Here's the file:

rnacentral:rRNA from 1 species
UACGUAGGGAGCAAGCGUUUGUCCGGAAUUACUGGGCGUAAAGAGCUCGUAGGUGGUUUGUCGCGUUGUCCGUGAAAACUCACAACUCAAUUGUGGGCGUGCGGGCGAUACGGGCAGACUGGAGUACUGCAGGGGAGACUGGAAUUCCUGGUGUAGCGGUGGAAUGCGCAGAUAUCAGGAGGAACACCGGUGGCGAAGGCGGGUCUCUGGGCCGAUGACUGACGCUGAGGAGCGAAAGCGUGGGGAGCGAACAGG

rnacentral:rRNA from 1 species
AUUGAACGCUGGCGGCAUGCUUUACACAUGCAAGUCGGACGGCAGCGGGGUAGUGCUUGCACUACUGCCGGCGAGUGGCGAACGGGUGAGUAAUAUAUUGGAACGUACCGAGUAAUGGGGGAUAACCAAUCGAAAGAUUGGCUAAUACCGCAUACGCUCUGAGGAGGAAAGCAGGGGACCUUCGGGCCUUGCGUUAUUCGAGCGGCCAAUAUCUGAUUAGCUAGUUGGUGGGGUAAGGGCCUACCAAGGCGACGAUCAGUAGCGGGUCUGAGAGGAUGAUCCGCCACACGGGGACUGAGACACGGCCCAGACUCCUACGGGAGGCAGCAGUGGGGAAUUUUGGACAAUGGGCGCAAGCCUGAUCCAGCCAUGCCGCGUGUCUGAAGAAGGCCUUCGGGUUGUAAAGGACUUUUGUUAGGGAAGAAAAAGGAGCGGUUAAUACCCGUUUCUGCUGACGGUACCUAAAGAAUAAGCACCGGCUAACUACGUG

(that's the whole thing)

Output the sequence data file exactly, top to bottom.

rnacentral:rRNA from 1 species
UACGUAGGGAGCAAGCGUUUGUCCGGAAUUACUGGGCGUAAAGAGCUCGUAGGUGGUUUGUCGCGUUGUCCGUGAAAACUCACAACUCAAUUGUGGGCGUGCGGGCGAUACGGGCAGACUGGAGUACUGCAGGGGAGACUGGAAUUCCUGGUGUAGCGGUGGAAUGCGCAGAUAUCAGGAGGAACACCGGUGGCGAAGGCGGGUCUCUGGGCCGAUGACUGACGCUGAGGAGCGAAAGCGUGGGGAGCGAACAGG

rnacentral:rRNA from 1 species
AUUGAACGCUGGCGGCAUGCUUUACACAUGCAAGUCGGACGGCAGCGGGGUAGUGCUUGCACUACUGCCGGCGAGUGGCGAACGGGUGAGUAAUAUAUUGGAACGUACCGAGUAAUGGGGGAUAACCAAUCGAAAGAUUGGCUAAUACCGCAUACGCUCUGAGGAGGAAAGCAGGGGACCUUCGGGCCUUGCGUUAUUCGAGCGGCCAAUAUCUGAUUAGCUAGUUGGUGGGGUAAGGGCCUACCAAGGCGACGAUCAGUAGCGGGUCUGAGAGGAUGAUCCGCCACACGGGGACUGAGACACGGCCCAGACUCCUACGGGAGGCAGCAGUGGGGAAUUUUGGACAAUGGGCGCAAGCCUGAUCCAGCCAUGCCGCGUGUCUGAAGAAGGCCUUCGGGUUGUAAAGGACUUUUGUUAGGGAAGAAAAAGGAGCGGUUAAUACCCGUUUCUGCUGACGGUACCUAAAGAAUAAGCACCGGCUAACUACGUG